Whose life is it anyway?

If I asked you who owns your life, you would probably reply, almost as a reflex, that you own your life and no one can tell you otherwise. It is an empowering thought and a troubling delusion.
Troubling? How can the autonomy of the individual be seen as troubling when it is one of the cornerstones of how humanity sees itself? Yet this is not true. The accurate version of this statement is to say that the autonomy of the individual is one of the cornerstones of how human beings see themselves. The difference in words is only slight, but the implications are great.

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Trying to Stay Afloat in a Sea of Words

Writing a novel, no matter how long, is like swimming up and down an empty pool. You can decide how many lengths you want to swim on any given day, your short term goal of the opposite end of the pool is always in sight, and no one will get in your way. Once you have swum all the lengths necessary to produce a completed story that is fit for sale, you must venture into open water, where you will find none of the comforts of your private pool.

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How did my journey change me?

A long time ago, I heard that the creation of a story is a journey for the writer, often more so than it is for the reader who only experiences the finished text. This was true in my case. As mentioned in my last post, I started my story with the premise that a man was dying, and to that I attached the belief that a person should be allowed to die on their own terms. This correlated with my view of myself and how I hope to both live my life and face my death. As such, my first attempt at a plot was built on the premise that assisted dying is a worthy option and my protagonist should struggle to assert his right to die at a time and in a manner of his own choosing. So far, so self-assured, I thought, but thoughts can be a slippery things and can lead you down winding roads to unexpected destinations.

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Why did I write a story about assisted dying?

The scarcity with which the topic of assisted dying is mentioned in written fiction can be interpreted in different ways. Authors look to make a living from their writing, and so wish to produce what are deemed to be the choicest tales. It can also be said that authors write what they like to read, so their lack of satisfaction with the last few books they have read in a particular genre may inspire them to write their own story, which will be free of all the irritating aspects of other people’s work.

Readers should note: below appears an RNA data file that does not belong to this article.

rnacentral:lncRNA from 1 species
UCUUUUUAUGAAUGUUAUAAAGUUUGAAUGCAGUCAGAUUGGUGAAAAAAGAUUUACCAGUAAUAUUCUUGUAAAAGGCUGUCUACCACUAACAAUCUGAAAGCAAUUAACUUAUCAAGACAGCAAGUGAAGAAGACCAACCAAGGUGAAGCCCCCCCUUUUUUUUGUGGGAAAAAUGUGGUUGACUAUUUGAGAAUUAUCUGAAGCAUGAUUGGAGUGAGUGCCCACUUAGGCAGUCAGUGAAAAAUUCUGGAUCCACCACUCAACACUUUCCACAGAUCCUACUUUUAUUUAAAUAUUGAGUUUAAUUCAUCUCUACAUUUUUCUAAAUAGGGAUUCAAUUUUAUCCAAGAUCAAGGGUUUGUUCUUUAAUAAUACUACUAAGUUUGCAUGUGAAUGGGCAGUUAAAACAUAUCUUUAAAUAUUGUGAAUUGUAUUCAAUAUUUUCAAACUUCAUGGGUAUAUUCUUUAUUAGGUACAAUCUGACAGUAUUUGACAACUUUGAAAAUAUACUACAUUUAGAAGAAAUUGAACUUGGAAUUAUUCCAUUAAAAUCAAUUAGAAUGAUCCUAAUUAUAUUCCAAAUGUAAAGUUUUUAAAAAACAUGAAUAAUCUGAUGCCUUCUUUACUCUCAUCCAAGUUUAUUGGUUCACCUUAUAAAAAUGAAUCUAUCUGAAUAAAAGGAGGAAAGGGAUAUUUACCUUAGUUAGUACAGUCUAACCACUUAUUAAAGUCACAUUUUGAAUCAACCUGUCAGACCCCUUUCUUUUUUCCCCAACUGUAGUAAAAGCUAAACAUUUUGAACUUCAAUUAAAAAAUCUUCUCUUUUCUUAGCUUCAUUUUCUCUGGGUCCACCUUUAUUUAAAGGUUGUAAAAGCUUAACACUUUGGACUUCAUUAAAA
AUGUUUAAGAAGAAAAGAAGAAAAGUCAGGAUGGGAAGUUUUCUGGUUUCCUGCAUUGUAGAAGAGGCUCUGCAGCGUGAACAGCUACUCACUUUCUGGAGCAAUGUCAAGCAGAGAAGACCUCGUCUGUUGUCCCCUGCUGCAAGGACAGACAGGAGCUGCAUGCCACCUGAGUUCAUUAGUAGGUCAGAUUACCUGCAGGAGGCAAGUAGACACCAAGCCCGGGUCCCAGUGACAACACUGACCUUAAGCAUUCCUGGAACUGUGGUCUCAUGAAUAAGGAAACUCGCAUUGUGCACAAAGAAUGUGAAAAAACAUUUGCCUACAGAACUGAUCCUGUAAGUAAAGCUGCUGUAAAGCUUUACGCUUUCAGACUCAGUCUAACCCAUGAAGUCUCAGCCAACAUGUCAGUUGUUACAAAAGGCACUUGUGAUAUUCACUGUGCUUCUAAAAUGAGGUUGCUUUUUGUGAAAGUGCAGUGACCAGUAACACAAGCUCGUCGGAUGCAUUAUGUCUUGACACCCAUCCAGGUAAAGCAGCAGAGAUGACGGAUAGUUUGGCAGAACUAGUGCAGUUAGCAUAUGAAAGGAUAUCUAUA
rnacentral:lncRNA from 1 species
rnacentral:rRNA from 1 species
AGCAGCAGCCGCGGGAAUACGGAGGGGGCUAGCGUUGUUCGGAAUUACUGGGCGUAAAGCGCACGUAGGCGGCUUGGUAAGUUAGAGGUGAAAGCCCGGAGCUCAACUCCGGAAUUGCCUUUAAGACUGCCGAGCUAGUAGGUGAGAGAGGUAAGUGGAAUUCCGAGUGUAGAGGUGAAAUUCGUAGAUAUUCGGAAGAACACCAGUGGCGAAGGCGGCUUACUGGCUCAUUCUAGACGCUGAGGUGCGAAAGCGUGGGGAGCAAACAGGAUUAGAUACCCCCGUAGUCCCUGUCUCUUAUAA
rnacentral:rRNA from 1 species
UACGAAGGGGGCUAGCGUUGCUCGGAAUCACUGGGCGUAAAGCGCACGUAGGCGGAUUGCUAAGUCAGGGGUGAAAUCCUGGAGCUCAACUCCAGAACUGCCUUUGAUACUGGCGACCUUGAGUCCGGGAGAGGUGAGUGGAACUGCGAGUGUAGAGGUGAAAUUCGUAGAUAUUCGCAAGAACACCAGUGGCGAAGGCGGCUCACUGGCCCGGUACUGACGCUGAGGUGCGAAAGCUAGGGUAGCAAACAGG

The Long Drop to Short Text

Every author who seeks to independently publish their own work must face a transition from one end of the writing spectrum to the other, from many thousands of words, all arranged into punctuated sentences, to the 140 character limit of a tweet. After composing a symphony of words in isolation, you must find a few short notes that will be heard within a cacophony of constant noise.

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Chapter Headings – Am I being unfashionable?

Chapter headings seem to appear less nowadays than in the books I read at school, but I would rather not make a definitive claim about that because I also remember summers being longer back then. I have always liked each chapter in a story to have a title that gives an identity to the forthcoming portion of the overall text and invites me to read on and discover the reason behind the headline.

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The Value of a Worthwhile Story

The inherent value of a worthwhile story rests on the idea that a good storyteller shines a light on aspects of the human condition that most of us prefer not to discuss in our everyday lives. Yet if no one talks about such things, they do not vanish, they fester beneath the surface and affect our lives, both directly and indirectly. For example, the debilitating nature of depression hinders anyone from writing about it while smothered by its darkness. Even afterwards, when some light has returned, it may be too difficult to write down a personal memoir, partly due to the nature of the recollection and partly due to a fear of the stigma that is still attached to mental illness in a world where we should know better.

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Forwards Not Backwards

The basic tenet of writing fiction is to “show not tell”, so authors paint scenes with words instead of just explaining the next part of the story. This is solid advice that comes as close to being a golden rule as anyone can expect in the fluid realm of storytelling, where an empty page plus some words becomes a narrative that provokes a dream in the mind of a reader.

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The Value of a Good Sentence

Sentence fragments. More common now. Overused?
Their place? End of a paragraph. Closing exclamation.
Much use anywhere else? Not really.

People converse in sentences, proper and complete, either long or short, blunt or sharp, as dictated by the content and the tone of what they want to say. Sentence fragments are dropped into casual speech because a level of familiarity already exists between the speaker and the listener, but the core of the dialogue is still comprised of sentences. When a narrator is talking to a reader, the need for good sentences is greater because the two participants in the conveyance of the fictional dream do not know one another. There is no level of familiarity that permits sentences to be chopped up and served as quick bites of text, yet there appears to be a growing trend to do so, as if the proper sentence is somehow too safe and sterile to reflect the edginess of the author’s cutting prose.

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